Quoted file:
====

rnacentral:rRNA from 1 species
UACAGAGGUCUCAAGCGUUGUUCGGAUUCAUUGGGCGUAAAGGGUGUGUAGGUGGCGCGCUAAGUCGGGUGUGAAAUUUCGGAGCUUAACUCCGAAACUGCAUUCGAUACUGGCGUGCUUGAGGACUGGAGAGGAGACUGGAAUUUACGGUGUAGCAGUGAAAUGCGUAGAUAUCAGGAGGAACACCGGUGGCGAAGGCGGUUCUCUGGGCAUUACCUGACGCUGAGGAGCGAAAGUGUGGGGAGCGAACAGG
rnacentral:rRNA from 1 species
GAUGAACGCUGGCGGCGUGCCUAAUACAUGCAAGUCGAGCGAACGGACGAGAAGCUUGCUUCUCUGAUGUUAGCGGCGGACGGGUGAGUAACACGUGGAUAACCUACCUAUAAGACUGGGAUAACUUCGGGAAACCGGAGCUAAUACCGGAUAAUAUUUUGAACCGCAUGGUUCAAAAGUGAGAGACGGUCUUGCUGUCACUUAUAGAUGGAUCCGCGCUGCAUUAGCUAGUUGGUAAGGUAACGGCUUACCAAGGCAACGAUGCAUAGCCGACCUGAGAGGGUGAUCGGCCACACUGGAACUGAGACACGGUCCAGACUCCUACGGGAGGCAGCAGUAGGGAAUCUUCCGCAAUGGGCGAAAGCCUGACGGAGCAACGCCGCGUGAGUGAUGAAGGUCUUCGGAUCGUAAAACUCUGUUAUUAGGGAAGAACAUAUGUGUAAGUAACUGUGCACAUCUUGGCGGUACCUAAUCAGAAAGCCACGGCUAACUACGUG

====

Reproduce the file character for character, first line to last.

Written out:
rnacentral:rRNA from 1 species
UACAGAGGUCUCAAGCGUUGUUCGGAUUCAUUGGGCGUAAAGGGUGUGUAGGUGGCGCGCUAAGUCGGGUGUGAAAUUUCGGAGCUUAACUCCGAAACUGCAUUCGAUACUGGCGUGCUUGAGGACUGGAGAGGAGACUGGAAUUUACGGUGUAGCAGUGAAAUGCGUAGAUAUCAGGAGGAACACCGGUGGCGAAGGCGGUUCUCUGGGCAUUACCUGACGCUGAGGAGCGAAAGUGUGGGGAGCGAACAGG
rnacentral:rRNA from 1 species
GAUGAACGCUGGCGGCGUGCCUAAUACAUGCAAGUCGAGCGAACGGACGAGAAGCUUGCUUCUCUGAUGUUAGCGGCGGACGGGUGAGUAACACGUGGAUAACCUACCUAUAAGACUGGGAUAACUUCGGGAAACCGGAGCUAAUACCGGAUAAUAUUUUGAACCGCAUGGUUCAAAAGUGAGAGACGGUCUUGCUGUCACUUAUAGAUGGAUCCGCGCUGCAUUAGCUAGUUGGUAAGGUAACGGCUUACCAAGGCAACGAUGCAUAGCCGACCUGAGAGGGUGAUCGGCCACACUGGAACUGAGACACGGUCCAGACUCCUACGGGAGGCAGCAGUAGGGAAUCUUCCGCAAUGGGCGAAAGCCUGACGGAGCAACGCCGCGUGAGUGAUGAAGGUCUUCGGAUCGUAAAACUCUGUUAUUAGGGAAGAACAUAUGUGUAAGUAACUGUGCACAUCUUGGCGGUACCUAAUCAGAAAGCCACGGCUAACUACGUG